These results indicate that the attitudinal differences towards media are present (as Clark asserted to me). However, they are still problematical. Note that my results are the opposite of Salomon's. My students reported more, not less, effort with the "easier" medium (print). Also rating books easier than tapes does not conform to Salomon's findings. His subjects rated TV easier than print. Thus my students should have tried harder with audio because they rated it more difficult.
There may be several reasons for these differences. Salomon's subjects were sixth-graders while mine were college students. Also, tape is not the same as TV. Self-reports of effort do not necessarily reflect actual effort, especially over short periods of time. Additionally, we do not know that the students in the audio condition (or in Salomon's studies) actually made less effort. Simple observation of the students gave no indication that the audio group was behaving differently from the text group.
It appears that there are two possible conclusions that can be drawn from these data. The first is that there is a direct causal relationship between the medium of instruction and the amount of declarative knowledge retained by students. Students receiving instruction through an auditory medium will retain less declarative knowledge than students learning visually from a text. The second possible interpretation is that older students faced with learning from an auditory medium perceive that medium as more "difficult" than print and therefore invest less effort in their learning (contrary to Salomon), resulting in less retention of declarative knowledge. If my experiment were all the evidence we had, we might judge the second explanation plausible, but given the repeated results of Gunter and Furnham with a variety of subjects and media presentations and given that my results replicate theirs, it is unlikely that all these different subjects, from different countries, dealing with different content (some of it "easy") and presented with differing specific media presentations could have all been under the control of the same "attitudes and beliefs." I don't see how we can conclude other than that MEDIA INFLUENCE LEARNING.
Clark, R.E. (1983). Reconsidering research on learning from media. Review of Educational Research, 53, 445-459.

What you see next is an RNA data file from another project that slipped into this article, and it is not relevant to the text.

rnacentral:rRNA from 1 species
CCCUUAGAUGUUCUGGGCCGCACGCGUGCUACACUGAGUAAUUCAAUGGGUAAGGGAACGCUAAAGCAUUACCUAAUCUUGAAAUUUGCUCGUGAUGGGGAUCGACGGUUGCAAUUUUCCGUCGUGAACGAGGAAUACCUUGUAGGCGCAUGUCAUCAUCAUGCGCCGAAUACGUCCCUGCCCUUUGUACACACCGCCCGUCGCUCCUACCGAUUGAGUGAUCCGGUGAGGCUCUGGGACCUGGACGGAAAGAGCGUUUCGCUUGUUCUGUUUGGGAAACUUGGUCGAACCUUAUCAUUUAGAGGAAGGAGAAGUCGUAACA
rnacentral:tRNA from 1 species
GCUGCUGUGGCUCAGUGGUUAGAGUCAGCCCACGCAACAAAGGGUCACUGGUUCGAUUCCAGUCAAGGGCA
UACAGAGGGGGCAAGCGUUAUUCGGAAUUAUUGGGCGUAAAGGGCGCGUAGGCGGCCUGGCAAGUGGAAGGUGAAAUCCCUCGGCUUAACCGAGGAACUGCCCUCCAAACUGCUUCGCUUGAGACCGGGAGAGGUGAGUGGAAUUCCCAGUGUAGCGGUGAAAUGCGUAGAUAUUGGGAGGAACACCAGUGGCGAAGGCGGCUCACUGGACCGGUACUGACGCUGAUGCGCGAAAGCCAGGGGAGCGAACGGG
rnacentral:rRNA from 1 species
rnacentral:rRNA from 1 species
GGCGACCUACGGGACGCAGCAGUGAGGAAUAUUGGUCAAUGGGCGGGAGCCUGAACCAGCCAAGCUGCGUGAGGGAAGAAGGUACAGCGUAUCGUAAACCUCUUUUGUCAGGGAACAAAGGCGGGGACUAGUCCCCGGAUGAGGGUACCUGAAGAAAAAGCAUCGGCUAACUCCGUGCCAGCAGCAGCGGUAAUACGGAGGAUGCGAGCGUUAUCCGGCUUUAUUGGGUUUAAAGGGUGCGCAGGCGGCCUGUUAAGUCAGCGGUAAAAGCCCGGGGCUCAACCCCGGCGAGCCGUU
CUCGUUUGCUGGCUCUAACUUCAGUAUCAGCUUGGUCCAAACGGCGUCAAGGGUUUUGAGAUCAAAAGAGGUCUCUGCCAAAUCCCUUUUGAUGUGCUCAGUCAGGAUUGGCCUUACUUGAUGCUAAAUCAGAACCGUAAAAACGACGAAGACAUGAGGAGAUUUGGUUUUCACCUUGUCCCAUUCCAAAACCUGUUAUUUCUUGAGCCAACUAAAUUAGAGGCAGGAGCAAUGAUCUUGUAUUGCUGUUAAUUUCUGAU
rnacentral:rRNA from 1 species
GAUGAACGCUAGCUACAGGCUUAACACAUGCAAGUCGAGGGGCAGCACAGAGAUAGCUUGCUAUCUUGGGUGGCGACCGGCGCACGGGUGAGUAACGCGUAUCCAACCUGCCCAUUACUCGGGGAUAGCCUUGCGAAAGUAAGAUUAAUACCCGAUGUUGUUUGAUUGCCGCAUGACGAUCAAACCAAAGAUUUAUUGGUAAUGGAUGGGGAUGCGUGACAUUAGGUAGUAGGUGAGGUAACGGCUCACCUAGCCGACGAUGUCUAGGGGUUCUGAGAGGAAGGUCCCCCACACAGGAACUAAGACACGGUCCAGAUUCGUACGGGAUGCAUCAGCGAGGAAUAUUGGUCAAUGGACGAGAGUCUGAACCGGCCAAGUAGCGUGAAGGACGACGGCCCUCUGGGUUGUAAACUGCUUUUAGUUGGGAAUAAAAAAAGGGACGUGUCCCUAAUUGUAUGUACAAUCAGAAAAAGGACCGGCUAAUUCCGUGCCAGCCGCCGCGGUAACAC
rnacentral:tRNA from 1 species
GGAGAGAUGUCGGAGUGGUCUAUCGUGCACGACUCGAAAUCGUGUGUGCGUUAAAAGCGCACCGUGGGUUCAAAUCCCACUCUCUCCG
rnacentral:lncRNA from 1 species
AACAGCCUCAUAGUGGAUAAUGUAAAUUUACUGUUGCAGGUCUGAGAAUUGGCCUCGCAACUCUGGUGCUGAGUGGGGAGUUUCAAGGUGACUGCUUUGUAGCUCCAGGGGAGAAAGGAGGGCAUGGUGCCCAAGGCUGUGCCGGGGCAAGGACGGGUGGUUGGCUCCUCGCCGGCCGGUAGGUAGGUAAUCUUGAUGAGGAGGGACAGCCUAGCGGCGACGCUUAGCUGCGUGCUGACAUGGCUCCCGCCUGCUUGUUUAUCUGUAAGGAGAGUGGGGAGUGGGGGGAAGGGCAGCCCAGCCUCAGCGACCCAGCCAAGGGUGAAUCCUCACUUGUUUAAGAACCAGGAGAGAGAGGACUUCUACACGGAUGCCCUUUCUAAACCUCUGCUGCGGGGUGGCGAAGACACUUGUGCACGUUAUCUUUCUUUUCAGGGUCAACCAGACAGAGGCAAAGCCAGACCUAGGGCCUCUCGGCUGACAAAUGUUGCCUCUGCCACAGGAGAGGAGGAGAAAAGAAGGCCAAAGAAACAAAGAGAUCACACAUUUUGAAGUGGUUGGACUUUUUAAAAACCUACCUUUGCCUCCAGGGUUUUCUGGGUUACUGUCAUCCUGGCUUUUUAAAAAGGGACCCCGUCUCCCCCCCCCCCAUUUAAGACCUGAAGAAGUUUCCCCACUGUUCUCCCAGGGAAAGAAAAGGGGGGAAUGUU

Clark, R.E. (1984). Research on student thought processes during computer-based instruction. Journal of Instructional Development, 25, 2-5.
Clark, R.E. (1984). "Where's the beef?": A reply to Heinich. Educational Communication and Technology Journal, 32, 229-232.
Clark, R.E. (1985). Confounding in educational computing research. Journal of Educational Computing Research, 1, 137-147.
Clark, R.E. (1985). Evidence for confounding in computer-based instruction studies: Analyzing the meta-analyses. Educational Communication and Technology Journal, 33, 249-262.
Clark, R.E. (1991, February). When researchers swim upstream: Reflections on an unpopular argument about learning from media. Educational Technology, p. 34-40.
Clark, R.E. (1994). Media will never influence learning. Educational Technology Research and Development, 42, 21-29.
Furnham, A., & Gunter, B. (1985). Sex, presentation mode and memory for violent and non-violent news. Journal of Educational Television, 11, 99-105.
Furnham, A., & Gunter, B. (1987). Effects of time of day and medium of presentation on recall of violent and non-violent news. Applied Cognitive Psychology, 1, 255-262.
Furnham, A., Benson, I., & Gunter, B. (1987). Memory for television commercials as a function of the channel of communication. Social Behavior, 2, 105-112.
Furnham, A., Gunter, B., & Green, A. (1988). Remembering science: The recall of factual information as a function of presentation mode. Applied Cognitive Psychology, 4, 203-212.
Furnham, A., Proctor, T., & Gunter, B. (1988). Memory for material presented in the media: The superiority of written communication. Psychological Reports, 63, 935-938.
Gunter, B. (1987). Poor reception: Misunderstanding and forgetting broadcast news. Hillsdale, NJ: Lawrence Erlbaum.
Gunter, B., & Furnham, A. (1986). Sex and personality differences in recall of violent and non-violent news from three presentational modalities. Personality and Individual Differences, 7, 829-837.
Gunter, B., Furnham, A., & Gietson, G,. (1984). Memory for the news as function of the channel of communication. Human Learning, 3, 265-271.
Gunter, B., Furnham, A., & Leese, J. (1986). Memory for information from a party political broadcast as a function of channel of communication. Social Behavior, 1, 135-142.
Kulik, J., Kulik, C., & Bangert-Drowns, R. (1984). Effects of computer based education on secondary students. Paper presented at the annual meeting of the American Educational Research Association, New Orleans, LA.
Salomon, G. (1984). Television is "easy" and print is "tough": The differential investment of mental effort in learning as a function of perceptions and attributions. Journal of Educational Psychology, 76, 647-658.